How Concentrated Was Investment Banking?

In the fall of 2008 a considerable amount of ink was spilt arguing that we needed to save the then big-five investment banks, or else our financial markets would come to a halt.  One could easily get the impression from the debate that these five firms were the entire industry.  At the time these five included Goldman Sachs, JP Morgan, Merrill Lynch, Lehman and Bear Stearns.  Before we go around rescuing companies, it would seem reasonable to ask if the rest of the industry could pick up their capacity.  Of course, if there is no “rest of the industry” then that question is easily answered.

So what exactly did the investment banking industry look like in 2008?  The best source of public information we have is the 2007 Economic Census, conducted by the U..S. Census Bureau.  According to the Economic Census, there were a little over 3000 individual investment banking firms.  The vast majority had only one office with often no employees (just a few partners).  Only about 400 firms had more than one office location (or establishment, as the Census calls them).  Only about 20 firms had more than 10 offices and really could be considered significant players in the industry.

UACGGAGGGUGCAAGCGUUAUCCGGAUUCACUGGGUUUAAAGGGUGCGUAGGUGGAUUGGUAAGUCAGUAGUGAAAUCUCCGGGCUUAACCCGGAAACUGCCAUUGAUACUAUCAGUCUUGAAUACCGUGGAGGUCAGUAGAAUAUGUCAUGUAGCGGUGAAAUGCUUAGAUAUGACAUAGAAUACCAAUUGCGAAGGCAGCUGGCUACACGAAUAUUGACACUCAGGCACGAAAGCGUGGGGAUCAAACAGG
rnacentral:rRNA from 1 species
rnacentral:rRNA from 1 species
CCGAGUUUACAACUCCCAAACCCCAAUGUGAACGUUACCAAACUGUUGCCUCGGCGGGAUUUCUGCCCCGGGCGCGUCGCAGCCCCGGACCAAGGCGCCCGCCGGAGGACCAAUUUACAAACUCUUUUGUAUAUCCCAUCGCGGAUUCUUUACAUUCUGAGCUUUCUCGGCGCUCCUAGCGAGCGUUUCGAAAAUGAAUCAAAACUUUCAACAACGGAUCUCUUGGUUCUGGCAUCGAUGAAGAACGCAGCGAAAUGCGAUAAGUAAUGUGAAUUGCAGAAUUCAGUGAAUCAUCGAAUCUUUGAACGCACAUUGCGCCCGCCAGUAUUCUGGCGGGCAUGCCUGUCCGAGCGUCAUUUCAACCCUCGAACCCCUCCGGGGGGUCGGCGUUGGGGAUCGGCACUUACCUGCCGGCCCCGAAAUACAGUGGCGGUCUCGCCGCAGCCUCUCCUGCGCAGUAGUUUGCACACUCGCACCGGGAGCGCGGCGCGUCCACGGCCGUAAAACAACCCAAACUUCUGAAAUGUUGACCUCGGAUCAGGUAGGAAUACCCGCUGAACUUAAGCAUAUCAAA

Another way of measuring the importance of the largest firms is to look at market share.  The four largest firms were just over half the industry,  in terms of investment banking sales/receipts.    Of course that also means that the rest of industry was also half.  The top 8 firms held about three-fourths of the market.  Top 20 firms gets you to 90 percent of the market.

So what does this tell us?  Yes, the industry had a high level of concentration (even higher now), but it also seem likely that no one company was large enough to bring down the industry.  There were, and still are, a handful of mid-sized players that could have absorb the market share of either a Bear or Lehman, or at least some part of their business.  Either way, the lesson we should learn is that policy should be encouraging more competition and depth in the investment banking field, so that the market is not left largely in the hands of a few companies.